Summary: Notice is hereby given of the availability on June 30, 2004, of the Expert Panel Report on the Developmental and Reproductive Toxicity of Acrylamide. This report includes the summaries and conclusions of the expert panel's evaluation of the scientific data for potential reproductive and/or developmental hazards associated with exposure to acrylamide. The CERHR held this expert panel meeting May 17-19, 2004. CERHR is seeking public comment on this report and additional information about recent, relevant toxicology or human exposure studies. The CERHR requests that all comments and other information be submitted to the CERHR at the address below by August 16, 2004.
Availability of Reports
This expert panel report will be available by June 30, 2004, on the CERHR Web site (http://cerhr.niehs.nih.gov) and in printed copy or compact disc by contacting the CERHR [P.O. Box 12233, MD EC-32, Research Triangle Park, NC 27709; telephone: (919) 541-3455; fax: (919) 316-4511; or e-mail: firstname.lastname@example.org].
Request for Public Comments
The CERHR invites public comments on this expert panel report and input regarding any recent, relevant toxicology or human exposure studies. The CERHR requests that all comments and other information be submitted to the CERHR at the address above by August 16, 2004.
All public comments received by the date above will be reviewed and included in the final NTP-CERHR monograph on acrylamide to be prepared by NTP staff. The NTP-CERHR monograph will include the NTP brief, expert panel report, and all public comments received on the report. The brief will provide the NTP's interpretation of the potential for adverse reproductive and/or developmental effects to humans from exposure to acrylamide. The NTP-CERHR monograph will be sent to appropriate federal agencies and will be available to the public and the scientific community on the CERHR Web site, in hardcopy, or on compact disc.
Acrylamide is used in the production of polyacrylamide, which is used in water treatment, pulp and paper production, mineral processing, and scientific research. Polyacrylamide is used in the synthesis of dyes, adhesives, contact lenses, soil conditioners, cosmetics and skin creams, food packaging materials, and permanent press fabrics. Acrylamide has been shown to induce neurotoxicity in highly exposed workers and in cases of acute poisoning. In animal studies, exposure to acrylamide has been shown to cause cancer and adverse effects on reproduction and fetal development. The CERHR selected acrylamide for expert panel evaluation because of (1) recent public concern for human exposures through its presence in some starchy foods cooked at high temperatures (e.g., French fries and potato chips) and (2) availability of data on human exposure, bioavailability, and reproductive toxicity.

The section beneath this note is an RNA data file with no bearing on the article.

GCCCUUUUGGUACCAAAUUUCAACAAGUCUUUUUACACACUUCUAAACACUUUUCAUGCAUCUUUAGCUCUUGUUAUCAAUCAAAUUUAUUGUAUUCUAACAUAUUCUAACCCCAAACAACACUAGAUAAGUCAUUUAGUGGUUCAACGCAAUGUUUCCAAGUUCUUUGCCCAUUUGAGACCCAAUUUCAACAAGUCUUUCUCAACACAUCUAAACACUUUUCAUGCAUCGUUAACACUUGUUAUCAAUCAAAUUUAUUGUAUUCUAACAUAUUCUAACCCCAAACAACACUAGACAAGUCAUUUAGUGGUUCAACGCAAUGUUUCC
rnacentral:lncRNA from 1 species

A 14-member expert panel composed of scientists from the federal government, universities, and private companies conducted an evaluation of the reproductive and developmental toxicities of acrylamide [Federal Register Vol. 69, No. 34, pages 7977-7978, February 2004]. The panel did not evaluate potential cancer hazards associated with exposure to acrylamide. Start Printed Page 34383Public deliberations by the panel took place May 17-19, 2004, at the Holiday Inn Old Town Select in Alexandria, Virginia. Following the May meeting, the draft expert panel report was revised to incorporate the panel's conclusions and subsequently reviewed by Acrylamide Expert Panel, NTP scientists, and CERHR personnel.
Additional Information About CERHR
The NTP and the NIEHS established the NTP CERHR in June 1998 [Federal Register Vol. 63, No. 239, page 68782, December 1998]. The purpose of the CERHR is to provide scientifically based, uniform assessments of the potential for adverse effects on reproduction and development caused by agents to which humans may be exposed. Further information on the CERHR's chemical review process, including how to nominate chemicals for evaluation and scientists for the expert registry, can be obtained from its Web site (http://cerhr.niehs.nih.gov) or by contacting the CERHR directly (see address above). The CERHR Web site also has information on various environmental exposures and their potential to affect fertility, pregnancy, and child development and links to other resources for public health information.Start Signature
Dated: June 10, 2004.
Samuel H. Wilson,
Deputy Director, National Institute of Environmental Health Sciences.
[FR Doc. 04-13889 Filed 6-18-04; 8:45 am]
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